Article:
Not A New Deal

Recently, it was announced that In.Digg.Nation Collective, the label and artiste management company founded by Protoje, had signed a deal with Six Course/RCA Records.

Through this multi-album partnership, the Grammy-nominated singjay, as well as singers Lila Ike and Sevana, will release solo projects.

This type of relationship between independent Jamaican labels and major American companies is not new.

Perhaps the most successful was between Clifton “Specialist” Dillon’s Specs/Shang and Sony Entertainment.

In 1991, Dillon secured a deal for Shabba Ranks and Patra with Epic Records, while Mad Cobra was signed to sister label Columbia Records.

Patra’s debut album, Queen of The Pack, was certified gold. Among its hit singles were the title song, Think (About it), Worker Man, and Romantic Call.

Shabba Ranks won back-to-back Best Reggae Album Grammy Awards for Xtra Naked and As Raw As Ever. Both albums were certified gold. He hit the charts with Mr Loverman, I Was A King (featuring Eddie Murphy), Slow And Sexy (with Johnny Gill), and Family Affair.

Hard to Wet, Easy to Dry and Milkman were the two albums by Mad Cobra released by Columbia. The deejay earned a gold disc for the mega hit Flex which reached number 13 on the Billboard Hot 100 Chart.

In the early 1980s, producer Joe Gibbs had a deal with Lightning Records/A&M Records, which saw the release of Dennis Brown’s 1982 album, Love Has Found its Way.

Taxi Records, owned by production duo Sly Dunbar and Robbie Shakespeare, had a deal with 4th & Broadway, a subsidiary of Island Records in the 1980s. They had a number of hits on the British charts including Boops (Here to Go) and Fire.

Biography: Lila IkéLater on, Sly and Robbie entered a similar agreement with East West Records, a subsidiary of Elektra Records.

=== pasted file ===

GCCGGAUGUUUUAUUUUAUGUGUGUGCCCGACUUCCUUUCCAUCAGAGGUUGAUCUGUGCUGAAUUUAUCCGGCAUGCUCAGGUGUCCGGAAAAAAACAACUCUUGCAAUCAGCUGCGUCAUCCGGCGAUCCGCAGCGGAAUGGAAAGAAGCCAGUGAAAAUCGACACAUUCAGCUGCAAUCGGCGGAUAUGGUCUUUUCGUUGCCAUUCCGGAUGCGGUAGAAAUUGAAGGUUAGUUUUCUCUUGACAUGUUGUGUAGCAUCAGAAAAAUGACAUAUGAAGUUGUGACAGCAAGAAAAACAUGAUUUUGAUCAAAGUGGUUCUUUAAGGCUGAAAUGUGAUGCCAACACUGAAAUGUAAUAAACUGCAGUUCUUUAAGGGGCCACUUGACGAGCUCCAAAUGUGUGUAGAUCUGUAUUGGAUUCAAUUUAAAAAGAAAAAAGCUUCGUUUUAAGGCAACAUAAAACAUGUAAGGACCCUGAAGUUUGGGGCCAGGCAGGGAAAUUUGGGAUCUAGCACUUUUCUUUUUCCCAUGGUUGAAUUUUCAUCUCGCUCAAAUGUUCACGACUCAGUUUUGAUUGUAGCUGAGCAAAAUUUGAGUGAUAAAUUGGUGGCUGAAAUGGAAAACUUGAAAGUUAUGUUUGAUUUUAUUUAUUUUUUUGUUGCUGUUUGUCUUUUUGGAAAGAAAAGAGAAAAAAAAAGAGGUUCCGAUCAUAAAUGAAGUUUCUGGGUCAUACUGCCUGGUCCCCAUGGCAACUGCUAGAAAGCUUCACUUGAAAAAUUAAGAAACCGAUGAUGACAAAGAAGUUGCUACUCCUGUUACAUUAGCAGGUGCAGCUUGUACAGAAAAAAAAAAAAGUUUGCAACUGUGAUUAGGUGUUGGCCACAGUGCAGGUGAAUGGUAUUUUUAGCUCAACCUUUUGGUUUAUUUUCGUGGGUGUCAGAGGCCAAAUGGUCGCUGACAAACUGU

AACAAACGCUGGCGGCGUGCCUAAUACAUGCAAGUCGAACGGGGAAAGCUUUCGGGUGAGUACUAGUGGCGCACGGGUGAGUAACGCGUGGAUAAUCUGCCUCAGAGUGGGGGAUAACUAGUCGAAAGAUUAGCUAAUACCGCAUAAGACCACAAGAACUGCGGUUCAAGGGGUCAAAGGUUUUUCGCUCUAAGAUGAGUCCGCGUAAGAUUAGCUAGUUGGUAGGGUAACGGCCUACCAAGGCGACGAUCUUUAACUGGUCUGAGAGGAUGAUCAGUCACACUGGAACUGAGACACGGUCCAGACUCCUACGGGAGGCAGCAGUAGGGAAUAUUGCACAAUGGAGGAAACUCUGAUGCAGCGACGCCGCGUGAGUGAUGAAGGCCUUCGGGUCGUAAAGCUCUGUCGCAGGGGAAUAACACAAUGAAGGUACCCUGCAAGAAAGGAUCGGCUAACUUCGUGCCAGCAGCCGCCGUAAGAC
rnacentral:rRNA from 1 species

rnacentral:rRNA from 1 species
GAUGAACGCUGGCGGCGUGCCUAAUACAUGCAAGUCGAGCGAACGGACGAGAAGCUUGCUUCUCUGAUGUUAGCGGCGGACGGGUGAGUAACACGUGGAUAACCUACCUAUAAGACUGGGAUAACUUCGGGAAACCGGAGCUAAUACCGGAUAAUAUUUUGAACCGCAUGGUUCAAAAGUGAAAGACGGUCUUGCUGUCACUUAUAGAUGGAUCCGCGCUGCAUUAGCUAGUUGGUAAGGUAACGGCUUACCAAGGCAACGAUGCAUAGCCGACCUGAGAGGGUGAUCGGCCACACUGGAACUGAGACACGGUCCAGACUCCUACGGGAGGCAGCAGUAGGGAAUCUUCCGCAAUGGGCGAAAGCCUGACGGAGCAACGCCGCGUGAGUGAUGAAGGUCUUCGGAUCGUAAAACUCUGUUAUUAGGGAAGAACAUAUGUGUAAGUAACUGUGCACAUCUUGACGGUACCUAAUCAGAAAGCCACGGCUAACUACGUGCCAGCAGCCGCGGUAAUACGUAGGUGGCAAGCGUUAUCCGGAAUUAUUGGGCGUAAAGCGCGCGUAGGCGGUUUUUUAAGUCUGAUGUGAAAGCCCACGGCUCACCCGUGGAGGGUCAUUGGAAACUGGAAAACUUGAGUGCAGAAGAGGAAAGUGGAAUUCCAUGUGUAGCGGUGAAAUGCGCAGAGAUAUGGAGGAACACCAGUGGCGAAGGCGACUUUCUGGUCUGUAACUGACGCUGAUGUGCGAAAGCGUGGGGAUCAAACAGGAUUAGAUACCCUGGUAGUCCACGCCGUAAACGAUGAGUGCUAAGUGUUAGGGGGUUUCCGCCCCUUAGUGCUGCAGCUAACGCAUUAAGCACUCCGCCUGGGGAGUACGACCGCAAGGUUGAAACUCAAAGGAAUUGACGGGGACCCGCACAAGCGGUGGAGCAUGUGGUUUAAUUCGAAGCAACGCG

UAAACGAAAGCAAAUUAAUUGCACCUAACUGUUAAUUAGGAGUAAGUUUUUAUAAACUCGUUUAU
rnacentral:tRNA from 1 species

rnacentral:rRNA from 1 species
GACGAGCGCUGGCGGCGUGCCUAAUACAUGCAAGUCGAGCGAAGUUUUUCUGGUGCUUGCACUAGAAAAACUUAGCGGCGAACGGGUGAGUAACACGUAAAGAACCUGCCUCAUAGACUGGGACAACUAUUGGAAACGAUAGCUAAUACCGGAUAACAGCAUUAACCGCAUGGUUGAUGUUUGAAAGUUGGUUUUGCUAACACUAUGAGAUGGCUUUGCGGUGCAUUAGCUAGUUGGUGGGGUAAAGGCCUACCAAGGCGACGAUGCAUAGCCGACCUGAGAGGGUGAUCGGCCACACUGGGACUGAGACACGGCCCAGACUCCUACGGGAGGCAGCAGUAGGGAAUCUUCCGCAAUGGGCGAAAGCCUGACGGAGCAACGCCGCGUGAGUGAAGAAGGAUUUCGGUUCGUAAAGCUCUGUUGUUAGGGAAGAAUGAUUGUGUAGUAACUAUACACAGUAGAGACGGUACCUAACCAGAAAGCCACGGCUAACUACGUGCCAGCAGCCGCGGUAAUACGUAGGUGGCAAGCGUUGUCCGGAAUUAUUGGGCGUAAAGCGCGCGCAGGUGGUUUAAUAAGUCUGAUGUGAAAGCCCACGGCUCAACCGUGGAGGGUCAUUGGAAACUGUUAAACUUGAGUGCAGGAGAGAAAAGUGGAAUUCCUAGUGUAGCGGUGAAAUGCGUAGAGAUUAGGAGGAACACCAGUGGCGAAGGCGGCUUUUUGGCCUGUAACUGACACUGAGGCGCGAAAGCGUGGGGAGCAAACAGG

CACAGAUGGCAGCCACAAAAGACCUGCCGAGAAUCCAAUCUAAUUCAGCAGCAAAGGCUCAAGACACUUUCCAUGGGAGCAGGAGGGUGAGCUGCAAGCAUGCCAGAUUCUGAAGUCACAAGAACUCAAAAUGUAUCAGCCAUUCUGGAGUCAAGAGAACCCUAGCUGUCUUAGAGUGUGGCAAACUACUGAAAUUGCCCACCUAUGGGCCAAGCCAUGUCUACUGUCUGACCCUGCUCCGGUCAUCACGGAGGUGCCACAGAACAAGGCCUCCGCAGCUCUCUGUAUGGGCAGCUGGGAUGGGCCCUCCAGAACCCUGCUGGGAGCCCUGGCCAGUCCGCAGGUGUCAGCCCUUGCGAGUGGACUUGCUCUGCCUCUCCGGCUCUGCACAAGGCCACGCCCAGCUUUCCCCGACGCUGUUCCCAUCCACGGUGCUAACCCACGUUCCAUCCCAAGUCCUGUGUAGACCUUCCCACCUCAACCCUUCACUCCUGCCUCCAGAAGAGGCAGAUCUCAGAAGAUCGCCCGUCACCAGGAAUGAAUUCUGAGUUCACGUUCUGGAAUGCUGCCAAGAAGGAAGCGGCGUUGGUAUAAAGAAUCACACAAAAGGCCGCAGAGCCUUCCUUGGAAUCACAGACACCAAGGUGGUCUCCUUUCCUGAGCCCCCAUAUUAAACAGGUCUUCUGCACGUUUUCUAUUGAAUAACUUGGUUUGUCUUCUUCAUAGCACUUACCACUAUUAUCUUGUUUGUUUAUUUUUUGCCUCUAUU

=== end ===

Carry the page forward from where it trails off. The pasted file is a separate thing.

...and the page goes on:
Madhouse Records producer Dave Kelly had several hit rhythms and singles during the 1990s; he had deals with two ‘majors’ that decade including Elektra Records for the release of Terror Fabulous’s Yaga Yaga album.

Later, Madhouse teamed up with Craig Kallman’s Atlantic Records for crossover hits with Baby Cham’s Vitamin S and Ghetto Story. The label also released Cham’s album Ghetto Story.

Penthouse Records, owned by Donovan Germain, partnered with Polygram in the early 1990s. As a result, Germain’s top act at the time, Buju Banton, signed with Loose Cannon Records, a PolyGram subsidiary.

Robert Livingston’s Big Yard label signed a deal with MCA Records for the release of Shaggy’s massive Hot Shot album, which spawned the hits Angel, It Wasn’t Me and Dance And Shout.

Also part of that MCA arrangement were projects by singers Marsha, Rayvon, Prince Mydas and Ricardo “Rik Rok” Ducent.

Ghetto Youths International, owned by the Marley family, had a deal with Universal Music Group, which lasted more than a decade.

Stephen and Damian Marley were signed to Republic Records, a sub label at Universal.

“The association was very successful as it launched the Welcome to Jamrock anthem, both their careers and the label,” said Cristy Barber, former president of Tuff Gong/Ghetto Youths International.

Source: Not a new deal

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